‘If you don’t have an oppor­tu­nity to discuss a topic, you can’t form an opinion on it,’ says Aebi, ‘and that’s what we want to encou­rage: an objec­tive debate, listening to each other, coming toge­ther cons­truc­tively.’ YES wants to help young people learn to listen to what their coun­ter­part has to say. The programme aims to give them the skills to think carefully about the content and to react to it in their response. These are exactly the skills that Aebi belie­ves are under threat today. She has noti­ced a tendency towards extre­mism and popu­lism, and a lack of discourse. She says: ‘It is really valuable if young people learn this. It contri­bu­tes enorm­ously to the deve­lo­p­ment of resi­li­ence.’ Deba­ting is only one of YES’s program­mes. They also run a scheme for primary school pupils in which they explain, for exam­ple, how a local autho­rity works, in order to raise aware­ness of the fact that our society doesn’t just happen by itself. Under­stan­ding this inter­con­nec­ted­ness streng­thens resi­li­ence. It explains to the child­ren what holds society toge­ther and enables it to func­tion. Part of this invol­ves various insti­tu­ti­ons passing on this know­ledge. Aebi does not see it as a fail­ure on the part of the state school system that YES has seen success with its program­mes. More the contrary, in fact. It is the lived inter­con­nec­ted­ness, the comple­men­tary thin­king, that crea­tes added value. YES works with many volun­teers, espe­ci­ally from the private sector, who provide child­ren and young people with new perspec­ti­ves. This is one of the grea­test strengths of the Swiss system. These strengths, eclip­sed by the current poli­ti­cal pola­ri­sa­tion, slip into the back­ground at times, but still work. Distances in Switz­er­land are short. People know each other. Making cont­acts is easy. ‘As a poli­ti­cian, I am often even invi­ted to visit compa­nies before refe­ren­dums,’ says Nuss­bau­mer. There are discus­sions, which he finds valuable. All stake­hol­ders have to culti­vate a poli­ti­cal culture, he says. That cannot be left enti­rely to poli­ti­ci­ans. ‘All stake­hol­ders, from reli­gion to poli­tics and busi­ness, must play their part, so that our commu­nity func­tions,’ he says. This enga­ge­ment may take many forms. Some compa­nies give their employees time off for poli­ti­cal work, others make a finan­cial contri­bu­tion. For instance, the Anny Klawa-Morf Foun­da­tion is able to provide its basic poli­ti­cal educa­tion thanks to untied dona­ti­ons from various compa­nies. They promote demo­cracy based on their shared respon­si­bi­lity for society in a funda­men­tal way.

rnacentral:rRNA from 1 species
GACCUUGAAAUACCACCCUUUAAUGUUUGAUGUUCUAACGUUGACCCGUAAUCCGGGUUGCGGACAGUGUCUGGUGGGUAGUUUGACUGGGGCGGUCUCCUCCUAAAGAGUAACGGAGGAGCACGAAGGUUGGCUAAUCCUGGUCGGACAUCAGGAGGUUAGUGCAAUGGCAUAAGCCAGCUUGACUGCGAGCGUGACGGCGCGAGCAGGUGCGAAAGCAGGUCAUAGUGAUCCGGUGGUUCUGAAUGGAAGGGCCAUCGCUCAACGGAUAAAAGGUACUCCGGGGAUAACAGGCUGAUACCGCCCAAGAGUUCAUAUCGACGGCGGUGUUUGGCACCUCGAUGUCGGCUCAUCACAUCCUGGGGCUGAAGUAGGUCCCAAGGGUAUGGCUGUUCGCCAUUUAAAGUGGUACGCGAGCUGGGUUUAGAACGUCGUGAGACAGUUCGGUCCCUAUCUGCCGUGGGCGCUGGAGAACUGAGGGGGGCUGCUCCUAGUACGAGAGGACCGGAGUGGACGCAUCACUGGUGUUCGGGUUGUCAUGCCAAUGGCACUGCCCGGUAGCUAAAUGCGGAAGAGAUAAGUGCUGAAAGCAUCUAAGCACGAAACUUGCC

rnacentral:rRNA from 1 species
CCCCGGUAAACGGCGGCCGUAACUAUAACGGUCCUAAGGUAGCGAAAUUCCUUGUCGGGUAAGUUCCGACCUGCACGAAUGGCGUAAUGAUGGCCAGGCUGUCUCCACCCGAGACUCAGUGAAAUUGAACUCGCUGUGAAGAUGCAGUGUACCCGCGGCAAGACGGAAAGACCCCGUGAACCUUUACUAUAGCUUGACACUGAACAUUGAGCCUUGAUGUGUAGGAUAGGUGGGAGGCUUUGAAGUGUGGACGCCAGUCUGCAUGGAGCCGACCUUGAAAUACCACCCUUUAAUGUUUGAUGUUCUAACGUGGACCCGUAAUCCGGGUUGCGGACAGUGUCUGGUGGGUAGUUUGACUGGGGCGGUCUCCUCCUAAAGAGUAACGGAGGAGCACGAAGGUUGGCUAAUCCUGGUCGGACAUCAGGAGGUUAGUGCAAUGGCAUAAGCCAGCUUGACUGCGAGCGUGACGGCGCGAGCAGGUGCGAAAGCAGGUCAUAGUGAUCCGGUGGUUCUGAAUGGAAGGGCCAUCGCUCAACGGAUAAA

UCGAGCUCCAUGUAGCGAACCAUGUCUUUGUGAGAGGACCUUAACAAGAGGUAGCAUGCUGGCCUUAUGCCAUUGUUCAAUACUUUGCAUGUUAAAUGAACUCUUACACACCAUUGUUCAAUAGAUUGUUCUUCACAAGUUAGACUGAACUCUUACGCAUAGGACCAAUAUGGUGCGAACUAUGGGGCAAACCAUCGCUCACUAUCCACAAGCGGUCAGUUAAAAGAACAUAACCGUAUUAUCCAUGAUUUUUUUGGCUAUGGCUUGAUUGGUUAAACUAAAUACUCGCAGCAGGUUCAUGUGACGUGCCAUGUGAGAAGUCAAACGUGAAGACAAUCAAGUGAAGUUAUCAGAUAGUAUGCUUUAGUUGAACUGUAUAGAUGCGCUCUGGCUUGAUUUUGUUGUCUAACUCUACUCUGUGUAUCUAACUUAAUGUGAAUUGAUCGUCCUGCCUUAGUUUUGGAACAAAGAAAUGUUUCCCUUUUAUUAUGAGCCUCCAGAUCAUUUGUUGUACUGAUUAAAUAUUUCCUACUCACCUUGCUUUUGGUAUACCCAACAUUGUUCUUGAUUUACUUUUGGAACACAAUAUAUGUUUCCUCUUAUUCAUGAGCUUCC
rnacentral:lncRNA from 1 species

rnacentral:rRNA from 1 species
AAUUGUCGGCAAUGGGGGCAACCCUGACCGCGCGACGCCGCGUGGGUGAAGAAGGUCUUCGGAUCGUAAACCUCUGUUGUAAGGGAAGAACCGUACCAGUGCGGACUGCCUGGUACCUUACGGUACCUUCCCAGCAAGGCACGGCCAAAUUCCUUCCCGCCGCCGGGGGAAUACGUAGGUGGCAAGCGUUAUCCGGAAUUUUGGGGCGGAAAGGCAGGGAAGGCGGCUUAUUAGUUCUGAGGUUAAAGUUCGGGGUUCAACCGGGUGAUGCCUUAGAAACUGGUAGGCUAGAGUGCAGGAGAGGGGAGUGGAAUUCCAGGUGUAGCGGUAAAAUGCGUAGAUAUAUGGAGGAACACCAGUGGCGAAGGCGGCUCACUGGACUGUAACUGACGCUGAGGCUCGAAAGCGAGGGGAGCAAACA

Lands­ge­meinde meeting at the end of the 18th century. (Museum Appenzell)

You can make a difference

In order to do justice to this inter­con­nec­ted way of thin­king, YES is devo­ting a programme to entre­pre­neur­ship. Young people learn what it takes to run a company. They learn that profit is not guaran­teed, and what is reali­stic and possi­ble. They find out how team­work works, how to cope with setbacks and that they can be over­ru­led. And they have to learn that they cannot influence or predict ever­y­thing, but must instead react to chan­ges. In short, ‘They learn that what’s needed is solu­tion-orien­ted thin­king,’ says Aebi, ‘and what diffe­rence they can make.’ In today’s world, that is a parti­cu­larly important point for a sustainable society. Young people are growing up in a society that lurches from one crisis to the next. ‘For young people, it is incre­di­bly important to see that they can make a diffe­rence. In view of these huge chal­lenges, they need to feel empowered to find solu­ti­ons.’ This is the only way that they can actively contri­bute towards a resi­li­ent society.

 People’s own resilience

The Salva­tion Army has proven that it has resi­li­ence in spades. It has expe­ri­en­ced two world wars. Despite, indeed because of, these diffi­cult circum­s­tances and their effects on church congre­ga­ti­ons, on their members and on people living on the margins of society, the Salva­tion Army pres­sed on with its work. Bucher says: ‘This will to carry on, and their perse­ver­ance in stan­ding up for the values and convic­tions they hold, are surely the reason why the Salva­tion Army is so resi­li­ent today.’ By the way: fund­rai­sing with coll­ec­tion tins, now known as ‘red kett­les’ in North America, was thought up by Captain Joseph McFee, a former sailor and Salva­tion Army offi­cer, in 1891. He wanted to provide 1,000 impo­ve­ris­hed people in San Fran­cisco with a Christ­mas meal. So he hung a crab pot on a tripod, set it up in a busy thorough­fare, and Salva­tion Army members asked for dona­ti­ons. The idea caught on. Six years later, the proceeds from these coll­ec­tions paid for 150,000 Christ­mas meals across America.

Coll­ec­ting for the poorest with a crab pot: Joseph McFee inven­ted the pot coll­ec­tion with this idea in 1891.